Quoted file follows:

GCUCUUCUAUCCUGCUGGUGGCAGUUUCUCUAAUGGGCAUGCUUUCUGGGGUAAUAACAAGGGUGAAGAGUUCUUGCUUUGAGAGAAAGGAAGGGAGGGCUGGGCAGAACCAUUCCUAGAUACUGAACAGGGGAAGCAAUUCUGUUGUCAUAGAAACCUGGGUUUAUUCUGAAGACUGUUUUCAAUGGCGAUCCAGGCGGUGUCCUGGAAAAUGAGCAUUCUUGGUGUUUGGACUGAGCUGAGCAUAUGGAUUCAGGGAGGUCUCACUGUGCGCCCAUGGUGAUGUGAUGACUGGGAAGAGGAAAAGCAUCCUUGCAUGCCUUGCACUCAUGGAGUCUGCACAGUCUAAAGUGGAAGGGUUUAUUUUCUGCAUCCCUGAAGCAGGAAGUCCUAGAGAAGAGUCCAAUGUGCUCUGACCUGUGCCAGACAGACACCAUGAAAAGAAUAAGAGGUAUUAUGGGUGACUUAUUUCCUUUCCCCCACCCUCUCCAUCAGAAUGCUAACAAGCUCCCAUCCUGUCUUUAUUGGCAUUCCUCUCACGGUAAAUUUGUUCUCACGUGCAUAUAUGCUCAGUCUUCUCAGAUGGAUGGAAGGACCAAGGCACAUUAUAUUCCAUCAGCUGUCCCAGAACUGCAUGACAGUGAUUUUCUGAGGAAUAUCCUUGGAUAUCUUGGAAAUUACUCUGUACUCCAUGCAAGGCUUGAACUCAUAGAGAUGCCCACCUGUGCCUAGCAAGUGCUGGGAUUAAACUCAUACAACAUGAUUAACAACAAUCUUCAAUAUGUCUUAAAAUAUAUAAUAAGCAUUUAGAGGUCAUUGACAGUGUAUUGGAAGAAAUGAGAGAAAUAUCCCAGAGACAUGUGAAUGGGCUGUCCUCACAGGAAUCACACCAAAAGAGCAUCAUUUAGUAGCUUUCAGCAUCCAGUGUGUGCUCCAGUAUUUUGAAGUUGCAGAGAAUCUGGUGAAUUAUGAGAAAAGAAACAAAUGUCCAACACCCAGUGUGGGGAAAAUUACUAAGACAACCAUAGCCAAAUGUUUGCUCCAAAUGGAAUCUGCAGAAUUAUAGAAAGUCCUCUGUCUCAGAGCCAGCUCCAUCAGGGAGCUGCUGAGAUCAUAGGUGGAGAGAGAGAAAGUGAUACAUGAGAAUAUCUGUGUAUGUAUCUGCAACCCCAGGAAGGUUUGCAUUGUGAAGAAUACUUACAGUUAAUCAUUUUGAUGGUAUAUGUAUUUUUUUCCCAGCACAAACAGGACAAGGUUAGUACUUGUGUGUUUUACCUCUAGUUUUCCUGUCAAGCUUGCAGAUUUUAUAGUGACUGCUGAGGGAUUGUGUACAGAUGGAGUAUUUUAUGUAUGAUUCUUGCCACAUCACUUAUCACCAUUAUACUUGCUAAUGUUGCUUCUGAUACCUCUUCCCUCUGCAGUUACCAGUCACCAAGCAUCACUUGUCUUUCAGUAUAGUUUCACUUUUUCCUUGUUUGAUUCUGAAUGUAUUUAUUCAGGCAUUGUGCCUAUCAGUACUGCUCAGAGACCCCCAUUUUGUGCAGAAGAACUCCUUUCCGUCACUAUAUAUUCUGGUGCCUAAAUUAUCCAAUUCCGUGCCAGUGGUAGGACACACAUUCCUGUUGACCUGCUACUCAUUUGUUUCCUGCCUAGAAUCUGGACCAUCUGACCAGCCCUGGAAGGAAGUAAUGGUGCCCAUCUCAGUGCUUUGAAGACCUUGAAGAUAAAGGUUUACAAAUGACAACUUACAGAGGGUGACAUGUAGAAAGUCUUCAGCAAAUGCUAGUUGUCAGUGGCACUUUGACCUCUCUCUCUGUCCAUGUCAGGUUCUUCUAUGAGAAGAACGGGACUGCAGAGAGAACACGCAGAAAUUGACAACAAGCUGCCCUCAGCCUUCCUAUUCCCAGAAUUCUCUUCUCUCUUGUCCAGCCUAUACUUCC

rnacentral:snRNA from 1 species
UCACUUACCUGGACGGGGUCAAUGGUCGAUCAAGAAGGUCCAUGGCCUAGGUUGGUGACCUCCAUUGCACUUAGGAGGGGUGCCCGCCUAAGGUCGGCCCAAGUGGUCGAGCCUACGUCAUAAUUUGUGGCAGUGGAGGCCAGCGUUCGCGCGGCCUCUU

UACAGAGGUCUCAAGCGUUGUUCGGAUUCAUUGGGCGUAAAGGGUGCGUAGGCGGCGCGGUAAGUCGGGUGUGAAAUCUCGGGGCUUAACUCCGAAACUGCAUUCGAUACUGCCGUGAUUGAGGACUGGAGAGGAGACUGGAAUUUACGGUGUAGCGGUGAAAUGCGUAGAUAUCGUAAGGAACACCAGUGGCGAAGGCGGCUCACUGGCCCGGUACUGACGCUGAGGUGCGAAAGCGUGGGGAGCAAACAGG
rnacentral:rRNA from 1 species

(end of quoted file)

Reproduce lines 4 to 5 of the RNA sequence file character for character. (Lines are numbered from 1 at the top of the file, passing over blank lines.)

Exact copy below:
UACAGAGGUCUCAAGCGUUGUUCGGAUUCAUUGGGCGUAAAGGGUGCGUAGGCGGCGCGGUAAGUCGGGUGUGAAAUCUCGGGGCUUAACUCCGAAACUGCAUUCGAUACUGCCGUGAUUGAGGACUGGAGAGGAGACUGGAAUUUACGGUGUAGCGGUGAAAUGCGUAGAUAUCGUAAGGAACACCAGUGGCGAAGGCGGCUCACUGGCCCGGUACUGACGCUGAGGUGCGAAAGCGUGGGGAGCAAACAGG
rnacentral:rRNA from 1 species